As I have developed my own approach to feeding therapy as a behavior analyst, and later as I have worked to build Sprouts Feeding Therapy as a business, I have often gotten to thinking about what “behavioral feeding therapy” may mean to the average person, perhaps a parent trying to find an appropriate service provider for their child.
The behavioral approach to feeding therapy is not the go-to method that most doctors and other professionals recommend to families (typically it is speech therapy or occupational therapy based treatment). Considering the effectiveness of ABA (applied behavior analysis) principles when applied to feeding problems and the years of research in this area, I think this lack of attention must just come down to a shortage of available and accessible information on the topic. Learning about behavioral feeding therapy and how successful it is requires some digging of sorts. Unlike feeding therapy that is more sensory or nutrition related, you won’t find blog upon blog of tips and techniques festooned with cute logos and pictures…you will instead find journal articles that you can only read if you have access to certain libraries or $35.95 burning a hole in your pocket! Frustrating? Yes!
I suppose that some of the general myths that exist in regards to ABA may carry over to behavioral feeding therapy. I think it would be a shame if parents overlooked this type of therapy because they think: “Oh, well my child doesn’t have autism...this wouldn’t be right for her,” or, “Isn’t that behavior modification? I think that would be too negative for my child.” While ABA has found a home in a few specific populations, there are many ABA techniques that are used effectively across a variety of ages, developmental levels, conditions, etc…it’s just that almost nobody outside of the field knows about it! The wonderful thing about applied behavior analysis is that it takes place in the real world, with individuals who have varying skills, needs, and motivations. Once a child’s feeding challenges are identified, the specific issues that are observed can be treated using behavioral techniques tailored to the child. By targeting specific problems one by one in a structured manner, results are seen…and generally very quickly!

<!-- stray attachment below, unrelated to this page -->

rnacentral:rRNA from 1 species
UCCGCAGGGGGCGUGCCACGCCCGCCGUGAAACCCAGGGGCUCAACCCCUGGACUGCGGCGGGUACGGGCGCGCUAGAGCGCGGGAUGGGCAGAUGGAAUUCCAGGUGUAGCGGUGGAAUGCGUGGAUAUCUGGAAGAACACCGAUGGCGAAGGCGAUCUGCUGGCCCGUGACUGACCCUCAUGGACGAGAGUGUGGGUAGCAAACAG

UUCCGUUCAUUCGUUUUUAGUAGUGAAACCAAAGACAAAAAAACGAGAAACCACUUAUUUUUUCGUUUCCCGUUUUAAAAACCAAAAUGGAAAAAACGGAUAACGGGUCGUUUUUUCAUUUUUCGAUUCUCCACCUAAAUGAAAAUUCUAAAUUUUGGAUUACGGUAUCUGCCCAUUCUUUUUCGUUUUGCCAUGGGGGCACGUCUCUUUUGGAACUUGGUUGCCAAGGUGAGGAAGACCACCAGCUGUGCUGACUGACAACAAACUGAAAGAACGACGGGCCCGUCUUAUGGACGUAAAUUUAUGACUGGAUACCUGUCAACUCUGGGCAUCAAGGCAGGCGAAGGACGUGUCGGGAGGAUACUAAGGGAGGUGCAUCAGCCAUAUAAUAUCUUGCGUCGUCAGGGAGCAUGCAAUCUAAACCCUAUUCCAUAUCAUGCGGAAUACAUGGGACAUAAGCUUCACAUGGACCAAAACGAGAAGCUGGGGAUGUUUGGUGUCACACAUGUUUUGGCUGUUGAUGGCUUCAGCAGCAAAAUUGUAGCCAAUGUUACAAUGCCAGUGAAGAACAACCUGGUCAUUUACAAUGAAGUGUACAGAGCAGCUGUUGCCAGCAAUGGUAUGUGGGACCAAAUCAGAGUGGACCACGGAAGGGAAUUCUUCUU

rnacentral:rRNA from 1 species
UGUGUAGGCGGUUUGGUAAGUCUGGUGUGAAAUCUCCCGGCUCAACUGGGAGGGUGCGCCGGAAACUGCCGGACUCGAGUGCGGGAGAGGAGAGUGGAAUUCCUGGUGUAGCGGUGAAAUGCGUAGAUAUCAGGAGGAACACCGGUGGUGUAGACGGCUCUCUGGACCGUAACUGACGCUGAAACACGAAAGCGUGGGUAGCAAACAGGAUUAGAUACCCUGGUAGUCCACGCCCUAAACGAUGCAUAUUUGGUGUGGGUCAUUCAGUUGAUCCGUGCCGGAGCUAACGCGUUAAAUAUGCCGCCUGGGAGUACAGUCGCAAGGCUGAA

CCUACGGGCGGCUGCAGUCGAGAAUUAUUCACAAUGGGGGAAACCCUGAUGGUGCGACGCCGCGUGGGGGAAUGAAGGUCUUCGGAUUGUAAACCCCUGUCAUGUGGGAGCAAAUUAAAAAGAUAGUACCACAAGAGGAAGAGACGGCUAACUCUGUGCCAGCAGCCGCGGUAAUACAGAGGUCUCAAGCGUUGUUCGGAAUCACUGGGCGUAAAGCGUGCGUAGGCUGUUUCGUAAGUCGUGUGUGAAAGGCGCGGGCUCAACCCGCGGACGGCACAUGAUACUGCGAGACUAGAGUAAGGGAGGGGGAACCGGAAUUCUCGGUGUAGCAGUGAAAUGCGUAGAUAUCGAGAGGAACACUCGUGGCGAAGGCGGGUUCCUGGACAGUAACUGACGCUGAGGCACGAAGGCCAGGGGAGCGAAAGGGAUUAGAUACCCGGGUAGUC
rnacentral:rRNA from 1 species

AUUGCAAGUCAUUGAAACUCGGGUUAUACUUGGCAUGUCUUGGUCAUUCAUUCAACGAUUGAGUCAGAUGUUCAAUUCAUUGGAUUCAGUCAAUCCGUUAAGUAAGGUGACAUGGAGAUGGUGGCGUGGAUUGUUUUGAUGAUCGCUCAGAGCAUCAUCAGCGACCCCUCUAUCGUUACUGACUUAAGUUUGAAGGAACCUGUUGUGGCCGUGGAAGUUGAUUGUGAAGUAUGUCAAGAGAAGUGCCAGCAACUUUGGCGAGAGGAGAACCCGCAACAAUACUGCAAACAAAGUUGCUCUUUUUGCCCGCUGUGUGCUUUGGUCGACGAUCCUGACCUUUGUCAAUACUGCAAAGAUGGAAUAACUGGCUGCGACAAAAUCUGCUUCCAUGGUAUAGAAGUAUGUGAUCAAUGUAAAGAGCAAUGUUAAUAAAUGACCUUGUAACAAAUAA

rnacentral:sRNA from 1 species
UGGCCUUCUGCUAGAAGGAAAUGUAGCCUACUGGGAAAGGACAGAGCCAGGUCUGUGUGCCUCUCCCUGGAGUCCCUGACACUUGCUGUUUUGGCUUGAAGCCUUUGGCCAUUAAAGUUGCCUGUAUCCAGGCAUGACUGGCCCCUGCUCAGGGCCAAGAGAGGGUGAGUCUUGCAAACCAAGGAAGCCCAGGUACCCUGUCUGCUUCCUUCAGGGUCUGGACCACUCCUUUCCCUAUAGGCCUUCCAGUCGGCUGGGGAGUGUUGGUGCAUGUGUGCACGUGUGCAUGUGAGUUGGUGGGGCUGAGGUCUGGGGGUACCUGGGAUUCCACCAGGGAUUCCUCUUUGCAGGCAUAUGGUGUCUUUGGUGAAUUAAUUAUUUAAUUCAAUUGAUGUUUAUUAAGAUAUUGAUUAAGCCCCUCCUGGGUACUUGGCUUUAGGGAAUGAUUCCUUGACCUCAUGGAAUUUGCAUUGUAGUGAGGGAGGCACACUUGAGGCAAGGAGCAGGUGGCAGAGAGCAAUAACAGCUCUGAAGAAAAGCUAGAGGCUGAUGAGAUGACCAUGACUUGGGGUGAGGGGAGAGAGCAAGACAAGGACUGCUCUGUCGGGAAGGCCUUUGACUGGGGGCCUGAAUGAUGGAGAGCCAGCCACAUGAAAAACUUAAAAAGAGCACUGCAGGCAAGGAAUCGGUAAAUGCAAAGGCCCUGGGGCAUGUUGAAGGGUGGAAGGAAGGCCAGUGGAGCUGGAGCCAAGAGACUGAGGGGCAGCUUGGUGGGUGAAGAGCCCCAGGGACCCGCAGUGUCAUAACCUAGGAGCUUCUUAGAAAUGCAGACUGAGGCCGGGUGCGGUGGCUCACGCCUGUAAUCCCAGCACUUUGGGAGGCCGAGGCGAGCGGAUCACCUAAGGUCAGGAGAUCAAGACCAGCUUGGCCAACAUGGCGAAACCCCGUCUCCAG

If you were to observe a behavioral feeding session and a feeding session conducted by a therapist with a different philosophy, the foods/utensils/seating arrangement may not be different at all. The therapists may even give similar instructions to the child during the session, and they may be targeting the same goals. However, upon closer examination, you would probably notice some differences. The behavioral therapist may always use a clear, consistent word, phrase, or gesture to instruct the child on what to do. When the child is successful, you will observe immediate and predictable delivery of a reward, whether that be praise, a sticker, brief TV time, etc. The behavioral therapist may appear more persistent once something is presented to the child’s mouth, and will require that the child be successful with each instruction that is given. Because success is so critical, you may notice that easier, smaller goals are addressed first to establish the new expectations from the very start of therapy. With the behavioral therapist, sessions will follow a specific, consistent procedure, and changes will be made systematically. You will also notice that the behavioral therapist will ignore the child’s negative behaviors. Rather than comforting or engaging with a child who is whining, the therapist will indirectly try to make the session more positive by talking about fun topics, singing songs, and most importantly, providing lots of positive interaction when the child is on task!
A behavioral feeding therapist will focus on what can be readily observed during sessions, and will avoid making assumptions about what is going on in the child’s mind. This is because a lot of times, our assumptions are wrong and may lead to ineffective procedures…then it’s back to the drawing board! When focusing on a specific feeding issue, strategies will be used to increase or decrease food acceptance and feeding skills to the point that the child is successfully eating. Skills can be shaped up gradually, and new foods and drinks can be faded in using steps as needed. The behavioral feeding therapist will always be considering the child’s motivation to eat (this is probably the most important part!!!), because if motivation is lacking, progress will understandably be difficult. Maintaining the child’s desire to eat through the use of effective rewards keeps meals positive; if the child actually wants to be a part of the process, reaching goals can become easy and enjoyable!
While this explanation merely scratches the surface of what behavioral therapy is, I hope that I am succeeding at doing my part in making behavioral feeding therapy more accessible to you, whether you’re a parent, professional in a related field, or just curious!
Until next time,